Light Emitting Diodes, better known as LEDs, are small light bulbs that are long lasting and incredibly energy efficient. The specific design of these lights requires the use of additional lenses and optics in order for them to function at their best, as the LED emitter isn’t strong enough to light its target without assistance. LEDs optics are split into two types: primary and secondary.
LEDs emit all of their light from their center, meaning that this light fades around the edges as it spreads. Manufacturers describe this style of light emission as “typical spatial distribution.” When left unaltered, the primary optics of an LED cause the light to spread out and appear unfocused.
Secondary optics are incredibly useful to help focus this light. They consist of additional lenses or reflectors that can collimate the light from the LEDs, rather than allowing the rays to spread out at 180 degrees. Generally, secondary optics are more effective the smaller the light source is.
One term frequently used when discussing secondary optics is Full Width Half Maximum (FWHM). This term describes the width of the light beam when its outer edges are at half the intensity of its center.
Total Internal Reflection (TIR) optics are a common type of secondary optic. TIR optics are generally cone shaped, and make use of a reflector with a refracted lens inside. They function by directing the light beam onto the reflector, which produces a collimated beam that can be adjusted to various widths.
Reflectors are another common type of secondary optic. On their own, they are much cheaper than TIR optics, and can be found in almost all incandescent lights. However, use of reflectors by themselves can result in an unpleasant glare or lost lumen output. This is because without the TIR optics to guide it, much of the light beam will not actually touch the reflector. More modern reflectors can make use of different types of finishes that diffuse the light more effectively.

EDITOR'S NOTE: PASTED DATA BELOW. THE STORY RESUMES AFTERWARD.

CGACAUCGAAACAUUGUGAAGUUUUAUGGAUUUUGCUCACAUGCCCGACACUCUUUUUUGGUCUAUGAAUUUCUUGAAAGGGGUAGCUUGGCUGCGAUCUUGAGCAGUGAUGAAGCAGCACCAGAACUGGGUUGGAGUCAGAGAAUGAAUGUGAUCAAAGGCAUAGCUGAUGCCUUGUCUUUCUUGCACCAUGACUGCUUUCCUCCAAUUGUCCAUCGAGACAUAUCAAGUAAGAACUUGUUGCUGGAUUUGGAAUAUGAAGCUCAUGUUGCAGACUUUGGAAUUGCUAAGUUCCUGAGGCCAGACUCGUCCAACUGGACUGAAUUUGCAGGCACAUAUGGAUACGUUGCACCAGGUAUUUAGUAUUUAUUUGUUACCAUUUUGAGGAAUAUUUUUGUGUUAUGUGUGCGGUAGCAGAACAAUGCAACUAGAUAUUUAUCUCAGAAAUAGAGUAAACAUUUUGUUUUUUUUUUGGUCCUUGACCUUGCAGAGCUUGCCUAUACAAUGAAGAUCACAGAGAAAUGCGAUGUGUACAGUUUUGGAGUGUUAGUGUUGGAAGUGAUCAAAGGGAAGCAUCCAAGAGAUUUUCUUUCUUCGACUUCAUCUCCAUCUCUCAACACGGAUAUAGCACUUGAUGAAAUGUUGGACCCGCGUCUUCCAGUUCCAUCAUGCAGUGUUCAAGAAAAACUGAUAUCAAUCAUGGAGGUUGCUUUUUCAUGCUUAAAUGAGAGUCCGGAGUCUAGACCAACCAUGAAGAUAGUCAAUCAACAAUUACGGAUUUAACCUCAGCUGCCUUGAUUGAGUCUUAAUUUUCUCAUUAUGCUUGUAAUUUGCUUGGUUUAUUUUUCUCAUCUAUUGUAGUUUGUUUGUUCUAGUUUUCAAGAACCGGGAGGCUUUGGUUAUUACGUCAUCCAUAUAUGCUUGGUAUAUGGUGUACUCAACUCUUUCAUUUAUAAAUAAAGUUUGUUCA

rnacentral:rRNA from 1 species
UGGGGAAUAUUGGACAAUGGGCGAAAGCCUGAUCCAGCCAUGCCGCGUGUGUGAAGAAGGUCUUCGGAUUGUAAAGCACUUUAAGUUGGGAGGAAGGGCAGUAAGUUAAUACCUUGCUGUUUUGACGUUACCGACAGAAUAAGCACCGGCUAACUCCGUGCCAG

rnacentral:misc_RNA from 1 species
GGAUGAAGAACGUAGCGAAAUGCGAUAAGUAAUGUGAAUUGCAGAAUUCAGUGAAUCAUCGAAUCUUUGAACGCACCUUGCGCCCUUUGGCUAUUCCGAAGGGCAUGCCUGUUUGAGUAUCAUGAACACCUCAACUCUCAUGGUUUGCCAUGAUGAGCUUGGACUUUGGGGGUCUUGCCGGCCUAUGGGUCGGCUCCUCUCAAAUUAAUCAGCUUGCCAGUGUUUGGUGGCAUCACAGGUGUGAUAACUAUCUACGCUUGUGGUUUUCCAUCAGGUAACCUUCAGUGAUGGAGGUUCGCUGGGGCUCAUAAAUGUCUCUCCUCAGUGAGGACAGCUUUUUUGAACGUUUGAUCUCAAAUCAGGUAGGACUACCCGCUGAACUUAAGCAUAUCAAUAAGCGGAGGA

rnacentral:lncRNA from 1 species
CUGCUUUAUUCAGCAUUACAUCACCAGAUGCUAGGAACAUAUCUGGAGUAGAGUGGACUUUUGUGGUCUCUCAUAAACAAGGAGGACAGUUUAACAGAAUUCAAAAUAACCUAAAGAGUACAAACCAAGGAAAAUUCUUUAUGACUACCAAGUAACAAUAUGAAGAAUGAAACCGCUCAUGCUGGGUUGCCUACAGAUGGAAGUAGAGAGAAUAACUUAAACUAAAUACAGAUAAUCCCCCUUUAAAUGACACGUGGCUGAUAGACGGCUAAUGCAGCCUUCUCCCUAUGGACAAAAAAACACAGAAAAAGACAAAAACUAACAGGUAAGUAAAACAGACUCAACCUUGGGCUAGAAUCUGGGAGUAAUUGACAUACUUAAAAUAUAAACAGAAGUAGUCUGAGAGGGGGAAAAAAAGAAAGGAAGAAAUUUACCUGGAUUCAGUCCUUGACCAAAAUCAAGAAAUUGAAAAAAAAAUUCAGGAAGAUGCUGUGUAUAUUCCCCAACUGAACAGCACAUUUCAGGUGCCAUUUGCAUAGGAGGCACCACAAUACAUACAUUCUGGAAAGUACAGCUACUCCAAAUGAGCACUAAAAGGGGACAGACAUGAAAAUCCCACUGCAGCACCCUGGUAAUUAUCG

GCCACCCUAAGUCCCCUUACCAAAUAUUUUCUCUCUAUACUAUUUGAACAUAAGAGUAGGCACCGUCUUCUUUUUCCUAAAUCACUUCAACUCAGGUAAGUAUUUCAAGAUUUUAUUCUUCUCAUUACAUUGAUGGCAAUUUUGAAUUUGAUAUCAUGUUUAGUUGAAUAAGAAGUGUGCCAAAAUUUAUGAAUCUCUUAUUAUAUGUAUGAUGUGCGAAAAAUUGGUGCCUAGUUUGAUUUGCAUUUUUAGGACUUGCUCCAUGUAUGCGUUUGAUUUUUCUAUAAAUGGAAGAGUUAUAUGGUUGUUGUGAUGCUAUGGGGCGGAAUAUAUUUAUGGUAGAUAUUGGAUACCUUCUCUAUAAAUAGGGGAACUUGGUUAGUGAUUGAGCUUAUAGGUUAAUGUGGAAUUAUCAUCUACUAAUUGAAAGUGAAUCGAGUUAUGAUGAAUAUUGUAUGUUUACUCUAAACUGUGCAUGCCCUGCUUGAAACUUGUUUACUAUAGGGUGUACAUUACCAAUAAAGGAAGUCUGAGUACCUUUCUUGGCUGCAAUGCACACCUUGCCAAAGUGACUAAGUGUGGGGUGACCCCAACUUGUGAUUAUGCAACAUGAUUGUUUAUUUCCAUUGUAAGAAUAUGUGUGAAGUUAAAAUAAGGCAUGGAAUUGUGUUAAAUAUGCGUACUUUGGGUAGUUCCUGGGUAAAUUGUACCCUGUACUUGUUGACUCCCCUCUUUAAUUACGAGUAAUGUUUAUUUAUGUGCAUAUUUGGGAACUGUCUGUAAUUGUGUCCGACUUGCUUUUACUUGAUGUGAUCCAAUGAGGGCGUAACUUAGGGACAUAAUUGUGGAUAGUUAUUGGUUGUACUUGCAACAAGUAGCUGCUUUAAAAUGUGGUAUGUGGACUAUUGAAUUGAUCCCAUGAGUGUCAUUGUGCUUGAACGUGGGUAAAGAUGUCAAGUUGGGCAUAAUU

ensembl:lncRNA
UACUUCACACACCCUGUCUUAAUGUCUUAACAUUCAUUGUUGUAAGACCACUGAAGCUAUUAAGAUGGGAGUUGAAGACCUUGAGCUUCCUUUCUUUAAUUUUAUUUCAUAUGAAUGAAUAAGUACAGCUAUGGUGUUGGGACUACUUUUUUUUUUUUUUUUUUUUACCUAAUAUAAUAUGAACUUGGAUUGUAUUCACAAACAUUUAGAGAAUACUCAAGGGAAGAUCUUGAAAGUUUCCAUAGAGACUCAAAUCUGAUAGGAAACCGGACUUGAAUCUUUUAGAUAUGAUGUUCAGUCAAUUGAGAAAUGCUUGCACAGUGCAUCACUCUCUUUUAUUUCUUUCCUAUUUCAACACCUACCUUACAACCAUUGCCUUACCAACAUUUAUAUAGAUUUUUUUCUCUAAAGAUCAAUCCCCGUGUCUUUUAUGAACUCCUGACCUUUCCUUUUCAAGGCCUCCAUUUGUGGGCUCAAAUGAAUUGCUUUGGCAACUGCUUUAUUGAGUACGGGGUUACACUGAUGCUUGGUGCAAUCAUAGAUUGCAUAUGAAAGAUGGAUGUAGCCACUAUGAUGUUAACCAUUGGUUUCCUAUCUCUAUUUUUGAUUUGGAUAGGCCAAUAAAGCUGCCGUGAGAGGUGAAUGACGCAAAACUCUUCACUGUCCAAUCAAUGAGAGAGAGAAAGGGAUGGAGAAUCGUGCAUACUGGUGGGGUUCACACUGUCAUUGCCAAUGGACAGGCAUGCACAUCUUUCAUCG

CHOOSING THE RIGHT LED LENS
People who want to build their own LED light will often need to do a bit of experimenting to determine which types of secondary optics let them achieve their desired light. One important factor to consider is the size of the LED as compared to the optic. For example, if you want a very narrow beam of light, you should choose a larger optic and a smaller emitter. Having a clear understanding of the type of light required will make it significantly easier to choose the appropriate emitter and optics.
BENEFITS OF LED LENSES
- High efficiency: LEDs use significantly less energy than incandescent bulbs while offering equal levels of brightness.
- Long lasting: LEDs will frequently last more than seven years before they need to be replaced. Additionally, they fail slowly—at the end of their life they dim, rather than suddenly dying like an incandescent bulb.
- Environmentally friendly: LEDs consume 90% less energy than incandescent bulbs. They are also recyclable and made from non-toxic materials.
- Safe: LEDs do not generate heat, therefore reducing the chances of fire or burns.
- Sturdy: LED lights come from a small chip in an enclosure, making them sturdier than bulbs that use neon gas or filament.
- Versatile: While early LED emitters could only emit directional light, modern optics have made it possible to have ambient LEDs that give off a diffused glow if desired. Different types of lenses can also provide different colored lights. The base colors of blue, red, and amber can be mixed to produce a number of unique colors.
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